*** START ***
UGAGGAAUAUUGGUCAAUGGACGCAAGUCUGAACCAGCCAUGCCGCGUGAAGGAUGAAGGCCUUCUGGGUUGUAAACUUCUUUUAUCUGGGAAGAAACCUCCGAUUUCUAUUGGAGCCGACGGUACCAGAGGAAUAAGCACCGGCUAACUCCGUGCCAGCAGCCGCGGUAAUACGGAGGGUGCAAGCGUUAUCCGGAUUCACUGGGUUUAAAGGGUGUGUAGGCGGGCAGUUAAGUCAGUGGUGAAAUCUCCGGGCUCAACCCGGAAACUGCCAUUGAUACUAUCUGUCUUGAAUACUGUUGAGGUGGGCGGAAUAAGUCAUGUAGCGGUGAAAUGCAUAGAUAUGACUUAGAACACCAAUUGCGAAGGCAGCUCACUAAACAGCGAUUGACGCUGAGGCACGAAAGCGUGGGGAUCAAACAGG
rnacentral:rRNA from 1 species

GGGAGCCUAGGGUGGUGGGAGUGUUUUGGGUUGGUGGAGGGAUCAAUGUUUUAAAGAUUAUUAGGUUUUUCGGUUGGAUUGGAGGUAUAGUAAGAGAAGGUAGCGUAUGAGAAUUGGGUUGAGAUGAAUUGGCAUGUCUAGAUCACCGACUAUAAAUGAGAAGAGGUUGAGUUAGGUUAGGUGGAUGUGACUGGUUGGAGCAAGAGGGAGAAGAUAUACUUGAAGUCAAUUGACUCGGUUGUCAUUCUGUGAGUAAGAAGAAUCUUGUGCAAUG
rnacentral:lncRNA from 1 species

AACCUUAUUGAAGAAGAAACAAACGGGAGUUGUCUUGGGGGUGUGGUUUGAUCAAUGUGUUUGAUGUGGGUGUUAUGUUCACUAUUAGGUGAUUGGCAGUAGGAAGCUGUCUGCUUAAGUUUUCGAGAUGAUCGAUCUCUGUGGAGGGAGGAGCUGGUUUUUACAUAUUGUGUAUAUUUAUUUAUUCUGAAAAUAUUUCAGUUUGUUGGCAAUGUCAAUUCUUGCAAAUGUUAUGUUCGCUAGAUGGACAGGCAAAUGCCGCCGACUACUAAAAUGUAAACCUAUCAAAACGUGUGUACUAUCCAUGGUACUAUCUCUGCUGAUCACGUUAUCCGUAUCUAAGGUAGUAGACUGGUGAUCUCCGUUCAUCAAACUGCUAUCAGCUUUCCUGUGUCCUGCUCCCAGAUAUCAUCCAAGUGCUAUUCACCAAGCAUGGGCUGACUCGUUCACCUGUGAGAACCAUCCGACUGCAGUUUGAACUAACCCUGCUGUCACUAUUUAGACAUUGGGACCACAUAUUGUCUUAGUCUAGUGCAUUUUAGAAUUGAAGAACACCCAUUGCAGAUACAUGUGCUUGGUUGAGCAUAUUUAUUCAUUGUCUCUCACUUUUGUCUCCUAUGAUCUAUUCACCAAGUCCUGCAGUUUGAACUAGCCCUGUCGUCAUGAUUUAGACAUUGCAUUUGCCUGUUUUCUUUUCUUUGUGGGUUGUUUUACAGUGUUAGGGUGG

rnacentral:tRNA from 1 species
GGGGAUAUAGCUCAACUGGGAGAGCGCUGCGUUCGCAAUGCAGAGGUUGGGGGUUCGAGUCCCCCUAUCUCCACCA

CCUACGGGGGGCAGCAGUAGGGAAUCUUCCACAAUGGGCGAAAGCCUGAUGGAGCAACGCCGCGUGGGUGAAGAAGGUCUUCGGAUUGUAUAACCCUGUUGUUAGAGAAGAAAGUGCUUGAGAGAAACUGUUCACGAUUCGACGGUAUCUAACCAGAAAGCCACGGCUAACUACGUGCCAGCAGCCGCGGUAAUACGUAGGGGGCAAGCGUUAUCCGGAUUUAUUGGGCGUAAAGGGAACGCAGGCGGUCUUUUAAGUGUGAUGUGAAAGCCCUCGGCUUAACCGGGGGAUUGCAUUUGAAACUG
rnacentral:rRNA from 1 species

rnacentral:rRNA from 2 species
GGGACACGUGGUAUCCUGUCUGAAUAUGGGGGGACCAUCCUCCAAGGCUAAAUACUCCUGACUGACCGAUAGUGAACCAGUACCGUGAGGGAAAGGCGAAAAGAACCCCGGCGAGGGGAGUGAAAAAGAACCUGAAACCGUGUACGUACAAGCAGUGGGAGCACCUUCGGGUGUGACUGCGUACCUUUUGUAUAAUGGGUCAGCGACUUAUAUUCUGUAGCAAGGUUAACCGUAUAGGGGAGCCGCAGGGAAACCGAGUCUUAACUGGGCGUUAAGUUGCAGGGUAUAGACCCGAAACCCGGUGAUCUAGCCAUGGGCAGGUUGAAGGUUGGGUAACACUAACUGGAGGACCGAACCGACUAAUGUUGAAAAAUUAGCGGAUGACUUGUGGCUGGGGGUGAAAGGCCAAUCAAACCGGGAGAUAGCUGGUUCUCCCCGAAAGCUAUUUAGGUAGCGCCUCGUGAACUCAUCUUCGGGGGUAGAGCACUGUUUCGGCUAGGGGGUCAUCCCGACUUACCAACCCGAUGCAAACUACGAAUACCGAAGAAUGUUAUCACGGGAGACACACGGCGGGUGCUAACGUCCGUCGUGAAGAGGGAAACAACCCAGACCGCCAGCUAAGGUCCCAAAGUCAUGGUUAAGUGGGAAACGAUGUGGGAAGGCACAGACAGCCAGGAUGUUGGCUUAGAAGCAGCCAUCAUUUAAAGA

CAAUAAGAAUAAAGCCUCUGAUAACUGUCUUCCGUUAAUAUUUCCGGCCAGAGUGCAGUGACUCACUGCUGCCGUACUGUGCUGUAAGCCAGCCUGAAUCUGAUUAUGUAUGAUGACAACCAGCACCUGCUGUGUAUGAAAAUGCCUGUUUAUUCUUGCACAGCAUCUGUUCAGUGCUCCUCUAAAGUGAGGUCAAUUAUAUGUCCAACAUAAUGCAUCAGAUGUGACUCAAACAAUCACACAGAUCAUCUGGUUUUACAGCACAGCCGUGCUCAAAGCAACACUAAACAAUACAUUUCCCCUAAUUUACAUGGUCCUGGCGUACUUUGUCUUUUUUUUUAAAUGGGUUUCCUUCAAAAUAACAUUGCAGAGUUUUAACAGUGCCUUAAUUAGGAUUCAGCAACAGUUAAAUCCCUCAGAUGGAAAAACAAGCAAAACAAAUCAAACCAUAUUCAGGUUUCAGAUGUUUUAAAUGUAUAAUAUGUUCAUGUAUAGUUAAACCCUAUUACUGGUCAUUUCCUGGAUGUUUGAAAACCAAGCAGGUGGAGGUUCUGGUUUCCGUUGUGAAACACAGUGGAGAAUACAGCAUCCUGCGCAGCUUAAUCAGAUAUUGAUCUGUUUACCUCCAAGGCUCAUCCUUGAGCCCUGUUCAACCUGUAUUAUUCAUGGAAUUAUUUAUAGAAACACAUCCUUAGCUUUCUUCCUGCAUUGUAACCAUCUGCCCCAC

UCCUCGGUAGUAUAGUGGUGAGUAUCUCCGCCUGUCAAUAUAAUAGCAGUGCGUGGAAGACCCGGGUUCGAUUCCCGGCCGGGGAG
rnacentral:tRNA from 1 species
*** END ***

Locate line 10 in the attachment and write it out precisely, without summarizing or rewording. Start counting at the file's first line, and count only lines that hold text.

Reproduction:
rnacentral:rRNA from 2 species